August 16, 2003, Chandigarh, India
PM invites Pak for walk on peace road New Delhi, August 15
New Delhi, August 15
Delivering his sixth Independence Day address to the nation from the historic ramparts of the Red Fort, Mr Vajpayee asked rulers in Islamabad to abjure the anti-India outlook as the people of the two countries wanted to live in peace.
“We believe in resolving all disputes peacefully. Our frequent initiatives to normalise relations with Pakistan are not a sign of our weakness; rather, they are an indication of our commitment to peace,” the Prime Minister said, adding that the test of Islamabad’s sincerity lay in whether it was “prepared to stop cross-border terrorism totally”.
Undeterred by the rain, Mr Vajpayee continued with his speech. He announced that mobile telephony would be launched in Jammu and Kashmir next week and that India would send its own spacecraft ‘Chandrayaan one’ to the moon by 2008.
Stating that as a multi-religious nation it was against India’s nature and culture to practise discrimination or to do injustice to anybody on grounds of faith, Mr Vajpayee said, “We should always care for the minorities and be attentive towards their welfare.”
Asking political parties to give a try to the proposal for 33 per cent double member seats to get out of the logjam on the Women’s Reservation Bill, Mr Vajpayee offered that if there was any other suggestion on which a consensus was possible, the same could be implemented.
Sounding upbeat on the economic front, he announced a number of sops, including cheaper credit for farmers,weavers and artisans and called for a ‘food chain revolution’ on the lines of the Green and White revolutions to increase the farmers’ income by 2010.
The Prime Minister took pride that the NDA coalition had completed five years at the Centre but remarked that in the current polity, there was a growing trend towards working together on one hand and “a scenario of disarray” on the other.
He said there was a tremendous hunger for development among people. “They want such a stable government which is both determined to improve their living conditions and capable of doing so,” Mr Vajpayee said.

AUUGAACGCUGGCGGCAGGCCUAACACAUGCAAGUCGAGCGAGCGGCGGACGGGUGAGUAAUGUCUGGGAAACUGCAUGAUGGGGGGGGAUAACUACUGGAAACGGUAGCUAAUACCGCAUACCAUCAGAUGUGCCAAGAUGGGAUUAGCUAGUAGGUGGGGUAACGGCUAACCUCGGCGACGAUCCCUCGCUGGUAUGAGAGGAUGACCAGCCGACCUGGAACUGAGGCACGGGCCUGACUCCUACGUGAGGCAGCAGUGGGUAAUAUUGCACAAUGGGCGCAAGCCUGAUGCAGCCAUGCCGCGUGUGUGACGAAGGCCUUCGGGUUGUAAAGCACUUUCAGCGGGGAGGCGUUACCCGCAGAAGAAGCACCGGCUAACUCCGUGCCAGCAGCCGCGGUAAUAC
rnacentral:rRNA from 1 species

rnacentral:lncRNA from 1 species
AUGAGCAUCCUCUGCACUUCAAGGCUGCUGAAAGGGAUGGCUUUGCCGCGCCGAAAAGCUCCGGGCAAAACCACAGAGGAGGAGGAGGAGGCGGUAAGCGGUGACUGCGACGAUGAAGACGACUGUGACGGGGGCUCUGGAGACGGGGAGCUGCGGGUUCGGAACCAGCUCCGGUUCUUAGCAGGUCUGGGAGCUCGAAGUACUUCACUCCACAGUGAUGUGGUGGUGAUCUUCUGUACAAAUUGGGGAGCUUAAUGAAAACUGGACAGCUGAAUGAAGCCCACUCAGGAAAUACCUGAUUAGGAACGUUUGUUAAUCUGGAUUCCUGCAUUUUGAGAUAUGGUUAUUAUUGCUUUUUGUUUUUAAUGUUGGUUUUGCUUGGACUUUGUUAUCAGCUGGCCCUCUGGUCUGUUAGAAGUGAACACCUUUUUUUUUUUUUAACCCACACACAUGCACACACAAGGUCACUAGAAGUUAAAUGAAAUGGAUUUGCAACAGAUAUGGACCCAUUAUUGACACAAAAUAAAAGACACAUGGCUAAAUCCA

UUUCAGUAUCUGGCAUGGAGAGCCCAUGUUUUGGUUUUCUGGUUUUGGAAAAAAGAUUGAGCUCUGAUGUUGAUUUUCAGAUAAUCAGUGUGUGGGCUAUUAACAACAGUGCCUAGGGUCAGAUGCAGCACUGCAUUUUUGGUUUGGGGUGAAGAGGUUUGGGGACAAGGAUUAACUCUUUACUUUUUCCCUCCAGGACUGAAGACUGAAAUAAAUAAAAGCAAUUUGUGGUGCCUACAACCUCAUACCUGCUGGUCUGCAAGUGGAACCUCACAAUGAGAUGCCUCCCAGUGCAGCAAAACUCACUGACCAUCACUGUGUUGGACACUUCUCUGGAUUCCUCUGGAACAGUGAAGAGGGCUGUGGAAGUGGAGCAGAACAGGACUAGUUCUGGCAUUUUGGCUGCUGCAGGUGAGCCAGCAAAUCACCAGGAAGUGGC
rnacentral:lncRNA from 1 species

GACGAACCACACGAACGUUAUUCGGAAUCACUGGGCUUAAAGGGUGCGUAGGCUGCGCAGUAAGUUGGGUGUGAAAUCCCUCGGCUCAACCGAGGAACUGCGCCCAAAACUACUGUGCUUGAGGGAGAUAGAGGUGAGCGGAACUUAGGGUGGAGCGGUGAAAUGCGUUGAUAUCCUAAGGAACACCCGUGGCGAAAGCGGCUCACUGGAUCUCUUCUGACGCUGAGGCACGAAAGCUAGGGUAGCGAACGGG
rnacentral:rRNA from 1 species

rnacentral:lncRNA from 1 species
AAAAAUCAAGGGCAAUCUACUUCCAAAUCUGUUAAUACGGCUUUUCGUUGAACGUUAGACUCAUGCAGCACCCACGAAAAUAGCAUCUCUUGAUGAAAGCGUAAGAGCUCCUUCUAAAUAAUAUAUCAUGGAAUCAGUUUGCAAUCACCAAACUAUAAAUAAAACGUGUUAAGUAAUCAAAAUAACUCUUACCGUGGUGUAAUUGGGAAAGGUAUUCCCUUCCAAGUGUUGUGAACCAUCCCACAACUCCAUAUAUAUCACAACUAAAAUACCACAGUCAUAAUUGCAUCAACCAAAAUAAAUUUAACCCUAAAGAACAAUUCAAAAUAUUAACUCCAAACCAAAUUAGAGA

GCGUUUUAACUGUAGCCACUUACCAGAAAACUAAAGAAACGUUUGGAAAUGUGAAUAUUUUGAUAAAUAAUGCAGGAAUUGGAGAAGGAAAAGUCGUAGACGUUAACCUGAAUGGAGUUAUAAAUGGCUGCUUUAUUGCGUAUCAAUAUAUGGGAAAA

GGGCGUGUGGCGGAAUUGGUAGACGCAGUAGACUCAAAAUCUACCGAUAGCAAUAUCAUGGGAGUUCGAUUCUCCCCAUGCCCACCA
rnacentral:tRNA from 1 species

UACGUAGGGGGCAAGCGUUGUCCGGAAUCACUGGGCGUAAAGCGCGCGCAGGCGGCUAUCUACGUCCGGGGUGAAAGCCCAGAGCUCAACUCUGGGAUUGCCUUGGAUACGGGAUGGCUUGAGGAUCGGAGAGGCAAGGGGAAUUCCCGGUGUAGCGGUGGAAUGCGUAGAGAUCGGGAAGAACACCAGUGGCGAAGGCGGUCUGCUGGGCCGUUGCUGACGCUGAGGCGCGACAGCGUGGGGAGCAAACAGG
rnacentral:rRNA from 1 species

On the issue of relations with states, the Prime Minister said, “The Centre has established cooperative relations with them. Political discrimination on account of ideological differences is unacceptable to us.”
Expressing satisfaction over the changing situation in Jammu and Kashmir, Mr Vajpayee said he would again visit Srinagar later this month.
He said after the “free and fair” Assembly poll, the situation in the restive state had improved vastly and the people wanted peace. A record 100,000 persons visited the Valley this year and more than 6,000 students from different parts of the country were studying in Jammu and Kashmir, he pointed out.
“Free and fair elections have again demonstrated that Jammu and Kashmir is part of India and the people want to remain with it,” he said.
Stating that those talking of self-determination wanted to communalise the situation in India, the Prime Minister said the government was determined to ensure the dignified return of displaced persons to their home.
Announcing the setting up of a national farmers’ commission soon, he exhorted the scientific community to bring about a food revolution for doubling the average income of agriculturists and said a National Horticulture Mission would soon be launched to address the need of crop diversification and doubling the country’s horticulture production by 2010.
The mission, he said, would give a further impetus to the cultivation of fruits, vegetables, flowers and spices.
With an aim to providing social and financial security to farmers, Mr Vajpayee also announced an insurance scheme for them.
The work on linking the Ken and Betwa rivers in Uttar Pradesh and Madhya Pradesh and also the Parvati, Kalisindh and Chambal rivers in Madhya Pradesh and Rajasthan would begin before the end of this year. Within the next six months, modernisation and expansion of Delhi and Mumbai airports through public private partnerships would be taken up. All bottlenecks in the construction of the Greenfield Bangalore airport project had been cleared and the implementation could now commence immediately.
With a view to achieving rapid capacity expansion and modernisation of ports along India’s west and east coasts, a project called “Sagar Mala” would be launched as a first step and the integrated development of Nhava and Kochi ports, at a cost of Rs 7,500 crore, would begin by March 2004.
Mr Vajpayee announced a Technology Mission for Railway Safety. Before the end of this year, the work of the National Highways Development Project (NHDP) would begin at Kanyakumari, Silchar and Porbandhar. Four-laning and upgradation of additional 10,000 km of highways, outside the ambit of the NHDP, would begin before March, 2004.
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